I have some non parametric data and my supervisor wants me to use bar plots to visualise it. He said because I'm using the median, that my error bars should be the 1st and 3rd quartiles....I get that and have done it....my issue is how to report ithat in the figure ledgend....do I just report it as I would for a box plot, i.e "bar plot shows 1st quartiles, 3rd quartile and median". I would rather use box plots but supervisor wants me to stick to bar plots. Advice most welcome.

  • 2
    $\begingroup$ Most boxplots already display the median and the quartiles. Thus, your supervisor's request amounts to asking you to erase the whiskers and outlier points. I suppose that could make sense if the latter were numerous and distracting, but in any case it ought to raise objections in readers' minds: they will wonder what you are trying to hide. $\endgroup$
    – whuber
    Commented Apr 3, 2017 at 19:47
  • $\begingroup$ My issue isn't about displaying the median and quartiles...it's how to report them in the figure legend. Im also not using boxplots, im using bar plots/graphs. If it was mean, I would report the SE or SD in text in the figure legend, but I'm using median and so unsure of how to report it in the text of the figure legend. $\endgroup$
    – Beverley
    Commented Apr 3, 2017 at 19:49
  • $\begingroup$ I don't follow, because you seem to be making a distinction between a boxplot and ... boxplots. Most boxplots don't report that stuff in the legend because that is part of the construction of a boxplot. If they did, they would call quantities by their standard names: they would say "this is the symbol for the median, these are the symbols for the quartiles." $\endgroup$
    – whuber
    Commented Apr 3, 2017 at 19:52
  • $\begingroup$ No, I'm talking about using a bar graph instead of a box plots, which is what my supervisor wants me to do. $\endgroup$
    – Beverley
    Commented Apr 3, 2017 at 19:54
  • $\begingroup$ I'm having to use the median because the data is not normally distributed. My supervisor wants me used bar graphs to visualise the data and has said because I'm using the median, my error bars will essentially be the quartiles. $\endgroup$
    – Beverley
    Commented Apr 3, 2017 at 19:57

1 Answer 1


Who says you can't use the mean?

Your data are not from a normal distribution but that doesn't imply that you can't use the mean. For example, if I was looking at count data (which is certainly non-normal) I wouldn't usually have any issue at all with using the mean. As another example, if I was recording (say) waiting times, which tend to be roughly exponentially distributed (i.e. reasonably but not highly skew), I would also not have any problem using the mean. If the mean measures what I am interested in it might easily be a completely sensible thing to report.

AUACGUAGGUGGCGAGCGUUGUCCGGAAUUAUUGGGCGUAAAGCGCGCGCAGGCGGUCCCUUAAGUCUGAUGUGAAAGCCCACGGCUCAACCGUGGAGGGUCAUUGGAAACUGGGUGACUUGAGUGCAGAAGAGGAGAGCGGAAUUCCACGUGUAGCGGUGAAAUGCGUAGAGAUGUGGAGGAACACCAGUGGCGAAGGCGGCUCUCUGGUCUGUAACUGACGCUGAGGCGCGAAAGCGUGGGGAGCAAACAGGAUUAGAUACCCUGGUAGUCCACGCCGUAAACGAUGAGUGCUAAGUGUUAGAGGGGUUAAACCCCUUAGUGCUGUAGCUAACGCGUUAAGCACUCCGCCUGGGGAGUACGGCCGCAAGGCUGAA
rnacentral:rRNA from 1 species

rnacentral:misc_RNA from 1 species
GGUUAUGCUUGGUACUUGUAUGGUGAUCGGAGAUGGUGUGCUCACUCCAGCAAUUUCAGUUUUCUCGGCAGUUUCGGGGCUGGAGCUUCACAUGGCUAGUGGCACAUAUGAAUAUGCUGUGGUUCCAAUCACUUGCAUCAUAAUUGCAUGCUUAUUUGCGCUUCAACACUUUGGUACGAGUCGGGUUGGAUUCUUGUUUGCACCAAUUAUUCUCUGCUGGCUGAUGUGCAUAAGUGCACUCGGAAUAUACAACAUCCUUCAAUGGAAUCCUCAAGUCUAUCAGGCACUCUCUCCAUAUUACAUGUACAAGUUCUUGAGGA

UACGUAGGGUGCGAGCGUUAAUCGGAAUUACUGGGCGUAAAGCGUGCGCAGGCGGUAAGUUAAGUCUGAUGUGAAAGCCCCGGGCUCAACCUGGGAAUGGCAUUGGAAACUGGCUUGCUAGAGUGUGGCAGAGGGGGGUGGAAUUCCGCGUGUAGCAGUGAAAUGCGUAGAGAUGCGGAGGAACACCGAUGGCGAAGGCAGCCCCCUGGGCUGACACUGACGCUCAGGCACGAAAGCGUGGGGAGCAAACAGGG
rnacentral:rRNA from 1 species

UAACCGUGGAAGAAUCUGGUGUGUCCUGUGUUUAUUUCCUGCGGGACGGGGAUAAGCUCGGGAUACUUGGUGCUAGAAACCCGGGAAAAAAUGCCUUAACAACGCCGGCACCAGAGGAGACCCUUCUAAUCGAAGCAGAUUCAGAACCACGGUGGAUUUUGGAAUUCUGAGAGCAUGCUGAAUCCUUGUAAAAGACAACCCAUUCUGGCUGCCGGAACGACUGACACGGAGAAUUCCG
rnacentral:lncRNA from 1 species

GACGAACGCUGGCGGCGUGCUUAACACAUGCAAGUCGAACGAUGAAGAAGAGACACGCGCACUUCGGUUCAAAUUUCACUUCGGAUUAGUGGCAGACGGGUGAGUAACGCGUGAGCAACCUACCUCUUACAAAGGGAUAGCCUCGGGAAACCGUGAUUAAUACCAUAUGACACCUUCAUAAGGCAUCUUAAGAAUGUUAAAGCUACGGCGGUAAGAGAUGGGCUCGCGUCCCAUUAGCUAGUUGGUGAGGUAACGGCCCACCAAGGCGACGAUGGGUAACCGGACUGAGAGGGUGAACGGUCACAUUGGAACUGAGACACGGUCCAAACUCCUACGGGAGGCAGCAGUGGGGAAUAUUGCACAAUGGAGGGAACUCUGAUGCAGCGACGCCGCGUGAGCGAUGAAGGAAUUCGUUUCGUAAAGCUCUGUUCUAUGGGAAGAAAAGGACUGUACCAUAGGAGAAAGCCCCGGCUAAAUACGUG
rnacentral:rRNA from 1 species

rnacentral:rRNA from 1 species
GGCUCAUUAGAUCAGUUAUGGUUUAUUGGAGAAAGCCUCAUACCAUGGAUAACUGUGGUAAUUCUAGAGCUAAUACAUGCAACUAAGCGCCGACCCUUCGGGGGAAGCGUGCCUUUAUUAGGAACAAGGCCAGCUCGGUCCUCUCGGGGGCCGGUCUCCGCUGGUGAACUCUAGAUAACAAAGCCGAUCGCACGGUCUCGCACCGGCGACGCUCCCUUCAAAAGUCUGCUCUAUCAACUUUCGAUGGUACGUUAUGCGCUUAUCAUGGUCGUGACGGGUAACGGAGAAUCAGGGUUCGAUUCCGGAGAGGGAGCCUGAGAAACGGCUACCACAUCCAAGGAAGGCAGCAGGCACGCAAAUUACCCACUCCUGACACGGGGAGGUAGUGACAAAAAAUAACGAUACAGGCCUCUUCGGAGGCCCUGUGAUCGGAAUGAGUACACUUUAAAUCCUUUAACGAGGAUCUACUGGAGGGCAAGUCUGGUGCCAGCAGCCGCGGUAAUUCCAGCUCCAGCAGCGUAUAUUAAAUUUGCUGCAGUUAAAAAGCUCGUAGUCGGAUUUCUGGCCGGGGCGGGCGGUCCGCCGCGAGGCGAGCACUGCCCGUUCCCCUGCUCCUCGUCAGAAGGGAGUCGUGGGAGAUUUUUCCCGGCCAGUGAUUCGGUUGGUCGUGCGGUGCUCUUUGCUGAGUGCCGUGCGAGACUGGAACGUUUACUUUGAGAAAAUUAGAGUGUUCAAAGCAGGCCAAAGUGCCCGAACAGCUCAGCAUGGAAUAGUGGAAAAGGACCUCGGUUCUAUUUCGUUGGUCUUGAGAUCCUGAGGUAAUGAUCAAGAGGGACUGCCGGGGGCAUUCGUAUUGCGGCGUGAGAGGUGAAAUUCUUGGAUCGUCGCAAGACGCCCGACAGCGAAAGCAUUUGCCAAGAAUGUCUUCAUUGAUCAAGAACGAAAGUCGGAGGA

I've already explained that I don't think this is a suitable display in a comment, but since that's not the question here I won't address it at length. Let's just for the moment take your display as a given, leaving aside other issues (except in passing).

I presume you're trying to go from something like (A) to something like (B):

Comparison of boxplots vs barplots conveying the same quartiles

In that case, I wouldn't call those "error bars" error bars because they don't represent error -- they're not measurement error and they're not standard errors of medians ... they're just an indication of the dispersion in the measurements. (Note that whuber gives some useful information in comments if you do want to get a standard error of the median)

Your suggestion was reporting in your legend "bar plot shows 1st quartile, 3rd quartile and median"; I think it should be clear enough from that what you did so that should be fine as far as it goes. If I was writing text I'd be inclined to say something like "the top of the blue bar shows the median, the ends of the interval around it (marked in black) shows the upper and lower quartiles". Perhaps better still to my mind would be to have an inset box-legend in the plot conveying the information:

enter image description here

... though to some extent it will depend on what the standards are where you publish.

  • $\begingroup$ This is exactly what I am also searching for @Glen_b -Reinstate Monica Could you please refer me to some sources on how could I do that kind of plot? Thanks $\endgroup$
    – eliza01
    Commented May 19, 2020 at 13:01
  • $\begingroup$ It's a variant of a dynamite plot; many packages can make a plot something like it (though I think it's a poor choice, for all that it's popular in some areas -- but some improvements can be made). I don't recall making that one, but apparently I did it in R (which would be easy enough right from the plotting tools that come built-with R but for which there is likely several packages to choose from as well, which will automate the process more). You should be able to find more with a few searches (here & on the internet). $\endgroup$
    – Glen_b
    Commented May 19, 2020 at 22:59

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